HC Deb 08 February 1900 vol 78 cc909-10
MR. CHANNING (Northamptonshire, E.)

I beg to ask the Financial Secretary to the War Office whether the War Office has obtained from Indian factories a large quantity of boots for the use of the troops in South Africa; what number of pairs of boots have been thus obtained; at what price they have been supplied, and at what prices Army boots, both hand sewn and machine made, have been contracted for this past year in Northamptonshire and other shoe manufacturing districts in England; whether very large tenders of boots have been made by English firms this past year, and only small orders placed with such firms on the ground of price; whether it was found that the Indian made boots supplied to Lord Kitchener's forces in the Soudan proved unsatisfactory, while English made wire sewn and riveted boots stood the campaign exceedingly well; and whether the leather out of which Indian boots are made is thinner, and therefore unsuitable for rough travelling in stony country; whether the Indian boots supplied to the South Africa forces were, before the decision to purchase, submitted to the usual examination of the Army boot inspectors in this country; and whether, in arranging for the present and future requirements of the troops, the War Office will take the proper steps to secure the soundest and strongest boots from approved English firms at a fair price, having regard to the increase in the price of sound leather and to the cost of British labour.


In order to meet a very urgent demand 60,000 pairs of boots have been ordered from India, at prices equal to the lowest price paid in England. They could not have been obtained as quickly from any other source. Contract prices are not disclosed. The Indian boots supplied for the Soudan, as well as the English made wire-sown and riveted boots, were found quite satisfactory. The Indian boots were subjected to the usual inspection in India, and were shipped thence to South Africa. Orders for boots have, during the past year, been placed at home with all firms offering supplies at reasonable prices. The offers declined were from makers whose quotations were much above the mass of tenders received. As a rule, the boots of the British Army are obtained from home manufacturers, but in a time of emergency, when immediate delivery is necessary, other sources of supply have occasionally to be resorted to.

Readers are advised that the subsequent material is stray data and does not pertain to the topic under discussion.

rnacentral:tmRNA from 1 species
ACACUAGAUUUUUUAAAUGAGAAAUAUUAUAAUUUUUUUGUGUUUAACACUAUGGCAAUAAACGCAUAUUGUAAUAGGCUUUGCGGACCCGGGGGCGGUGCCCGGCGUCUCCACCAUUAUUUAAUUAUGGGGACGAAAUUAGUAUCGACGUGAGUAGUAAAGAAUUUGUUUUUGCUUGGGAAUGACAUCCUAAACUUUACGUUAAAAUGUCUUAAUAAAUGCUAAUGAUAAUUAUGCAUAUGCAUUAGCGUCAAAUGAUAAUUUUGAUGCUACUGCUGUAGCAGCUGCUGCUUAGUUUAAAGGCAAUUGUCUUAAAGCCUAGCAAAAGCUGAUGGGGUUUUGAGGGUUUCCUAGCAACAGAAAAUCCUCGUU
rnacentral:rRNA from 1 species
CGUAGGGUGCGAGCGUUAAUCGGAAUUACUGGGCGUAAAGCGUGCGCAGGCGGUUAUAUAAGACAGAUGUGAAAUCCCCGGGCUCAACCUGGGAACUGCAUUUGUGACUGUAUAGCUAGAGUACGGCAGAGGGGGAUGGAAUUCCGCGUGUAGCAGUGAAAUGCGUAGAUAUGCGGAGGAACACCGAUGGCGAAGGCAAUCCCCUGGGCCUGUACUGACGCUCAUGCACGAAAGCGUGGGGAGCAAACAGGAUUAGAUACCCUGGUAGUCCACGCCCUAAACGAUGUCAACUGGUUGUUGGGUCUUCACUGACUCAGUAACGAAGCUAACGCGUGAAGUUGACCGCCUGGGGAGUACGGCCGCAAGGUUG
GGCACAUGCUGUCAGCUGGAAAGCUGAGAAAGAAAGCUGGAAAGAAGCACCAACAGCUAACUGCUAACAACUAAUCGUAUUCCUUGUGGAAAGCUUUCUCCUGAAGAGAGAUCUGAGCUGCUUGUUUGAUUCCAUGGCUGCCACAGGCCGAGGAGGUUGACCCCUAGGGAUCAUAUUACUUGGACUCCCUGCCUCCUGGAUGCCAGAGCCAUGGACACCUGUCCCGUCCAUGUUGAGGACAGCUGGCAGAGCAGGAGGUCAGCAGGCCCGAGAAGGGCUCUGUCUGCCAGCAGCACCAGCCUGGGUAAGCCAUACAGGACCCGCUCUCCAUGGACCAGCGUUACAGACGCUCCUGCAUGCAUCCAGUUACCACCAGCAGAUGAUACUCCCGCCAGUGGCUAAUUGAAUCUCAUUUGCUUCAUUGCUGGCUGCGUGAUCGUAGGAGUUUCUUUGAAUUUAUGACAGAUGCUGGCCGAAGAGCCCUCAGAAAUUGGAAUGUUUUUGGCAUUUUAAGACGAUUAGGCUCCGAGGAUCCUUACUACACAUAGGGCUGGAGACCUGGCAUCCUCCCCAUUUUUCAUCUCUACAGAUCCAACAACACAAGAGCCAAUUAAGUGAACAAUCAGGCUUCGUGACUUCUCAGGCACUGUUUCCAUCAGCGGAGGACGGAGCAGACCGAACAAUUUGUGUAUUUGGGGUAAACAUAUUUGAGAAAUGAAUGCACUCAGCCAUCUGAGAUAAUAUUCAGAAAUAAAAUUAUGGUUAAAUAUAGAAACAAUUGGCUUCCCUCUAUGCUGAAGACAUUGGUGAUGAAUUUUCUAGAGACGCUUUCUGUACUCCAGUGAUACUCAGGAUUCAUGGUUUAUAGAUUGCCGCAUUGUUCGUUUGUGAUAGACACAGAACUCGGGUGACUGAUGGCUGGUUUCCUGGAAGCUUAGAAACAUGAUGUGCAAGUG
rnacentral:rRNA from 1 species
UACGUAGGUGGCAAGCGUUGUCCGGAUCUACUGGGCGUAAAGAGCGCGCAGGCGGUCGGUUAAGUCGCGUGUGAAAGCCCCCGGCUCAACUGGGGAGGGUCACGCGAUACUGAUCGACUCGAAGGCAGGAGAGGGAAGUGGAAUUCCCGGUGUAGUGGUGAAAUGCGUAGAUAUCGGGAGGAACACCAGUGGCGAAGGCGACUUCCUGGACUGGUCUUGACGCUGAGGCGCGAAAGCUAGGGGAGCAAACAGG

May I ask why these requirements were not anticipated in time to get the boots in England? Have not tenders for 300,000 pairs been issued within the past week?

[No answer was given.]